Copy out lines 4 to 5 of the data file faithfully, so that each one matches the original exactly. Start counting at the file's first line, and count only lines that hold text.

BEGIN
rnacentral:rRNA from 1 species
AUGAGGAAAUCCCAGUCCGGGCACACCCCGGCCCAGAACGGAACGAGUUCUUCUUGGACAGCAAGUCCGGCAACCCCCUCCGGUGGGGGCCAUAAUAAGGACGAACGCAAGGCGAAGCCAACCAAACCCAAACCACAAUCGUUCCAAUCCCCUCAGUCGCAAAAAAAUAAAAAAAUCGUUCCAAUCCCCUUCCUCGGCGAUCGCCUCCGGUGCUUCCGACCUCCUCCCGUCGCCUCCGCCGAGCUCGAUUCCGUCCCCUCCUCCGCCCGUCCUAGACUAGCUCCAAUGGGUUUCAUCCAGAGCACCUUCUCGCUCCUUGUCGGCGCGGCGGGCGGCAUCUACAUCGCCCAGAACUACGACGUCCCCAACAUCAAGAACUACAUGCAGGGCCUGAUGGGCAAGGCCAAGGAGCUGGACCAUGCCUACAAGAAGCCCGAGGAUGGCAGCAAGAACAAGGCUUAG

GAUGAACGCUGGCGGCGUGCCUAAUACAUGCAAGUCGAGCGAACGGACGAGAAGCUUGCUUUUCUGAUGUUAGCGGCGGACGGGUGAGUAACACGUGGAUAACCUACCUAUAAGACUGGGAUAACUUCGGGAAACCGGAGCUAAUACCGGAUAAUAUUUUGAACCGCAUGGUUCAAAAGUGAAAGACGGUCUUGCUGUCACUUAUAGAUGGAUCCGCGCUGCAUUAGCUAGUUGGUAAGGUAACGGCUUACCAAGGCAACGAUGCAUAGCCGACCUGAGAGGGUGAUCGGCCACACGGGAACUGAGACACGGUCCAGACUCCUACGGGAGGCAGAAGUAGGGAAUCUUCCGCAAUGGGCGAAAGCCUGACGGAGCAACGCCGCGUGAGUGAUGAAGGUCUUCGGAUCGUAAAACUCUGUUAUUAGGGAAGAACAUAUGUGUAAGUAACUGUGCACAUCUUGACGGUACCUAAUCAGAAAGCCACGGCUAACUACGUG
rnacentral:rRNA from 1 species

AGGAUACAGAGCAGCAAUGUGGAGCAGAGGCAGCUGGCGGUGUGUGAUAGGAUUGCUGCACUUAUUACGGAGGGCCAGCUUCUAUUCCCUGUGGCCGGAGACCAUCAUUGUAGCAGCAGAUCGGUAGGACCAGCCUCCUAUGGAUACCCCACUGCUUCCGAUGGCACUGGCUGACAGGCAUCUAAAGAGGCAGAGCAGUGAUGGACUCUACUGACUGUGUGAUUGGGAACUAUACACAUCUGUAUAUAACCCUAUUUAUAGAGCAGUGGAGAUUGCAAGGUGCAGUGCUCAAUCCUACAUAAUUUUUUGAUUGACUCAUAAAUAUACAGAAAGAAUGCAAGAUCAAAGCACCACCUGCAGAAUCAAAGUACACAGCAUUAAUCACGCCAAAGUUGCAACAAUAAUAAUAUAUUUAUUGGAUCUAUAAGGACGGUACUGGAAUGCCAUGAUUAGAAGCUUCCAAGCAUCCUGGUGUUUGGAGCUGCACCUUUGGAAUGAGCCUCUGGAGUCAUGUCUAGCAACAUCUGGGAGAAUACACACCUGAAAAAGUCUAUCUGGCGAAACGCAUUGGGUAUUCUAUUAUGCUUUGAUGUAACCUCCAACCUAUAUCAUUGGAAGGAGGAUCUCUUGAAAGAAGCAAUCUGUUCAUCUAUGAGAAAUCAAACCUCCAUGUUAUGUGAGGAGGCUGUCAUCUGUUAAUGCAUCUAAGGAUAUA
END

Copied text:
rnacentral:rRNA from 1 species

AGGAUACAGAGCAGCAAUGUGGAGCAGAGGCAGCUGGCGGUGUGUGAUAGGAUUGCUGCACUUAUUACGGAGGGCCAGCUUCUAUUCCCUGUGGCCGGAGACCAUCAUUGUAGCAGCAGAUCGGUAGGACCAGCCUCCUAUGGAUACCCCACUGCUUCCGAUGGCACUGGCUGACAGGCAUCUAAAGAGGCAGAGCAGUGAUGGACUCUACUGACUGUGUGAUUGGGAACUAUACACAUCUGUAUAUAACCCUAUUUAUAGAGCAGUGGAGAUUGCAAGGUGCAGUGCUCAAUCCUACAUAAUUUUUUGAUUGACUCAUAAAUAUACAGAAAGAAUGCAAGAUCAAAGCACCACCUGCAGAAUCAAAGUACACAGCAUUAAUCACGCCAAAGUUGCAACAAUAAUAAUAUAUUUAUUGGAUCUAUAAGGACGGUACUGGAAUGCCAUGAUUAGAAGCUUCCAAGCAUCCUGGUGUUUGGAGCUGCACCUUUGGAAUGAGCCUCUGGAGUCAUGUCUAGCAACAUCUGGGAGAAUACACACCUGAAAAAGUCUAUCUGGCGAAACGCAUUGGGUAUUCUAUUAUGCUUUGAUGUAACCUCCAACCUAUAUCAUUGGAAGGAGGAUCUCUUGAAAGAAGCAAUCUGUUCAUCUAUGAGAAAUCAAACCUCCAUGUUAUGUGAGGAGGCUGUCAUCUGUUAAUGCAUCUAAGGAUAUA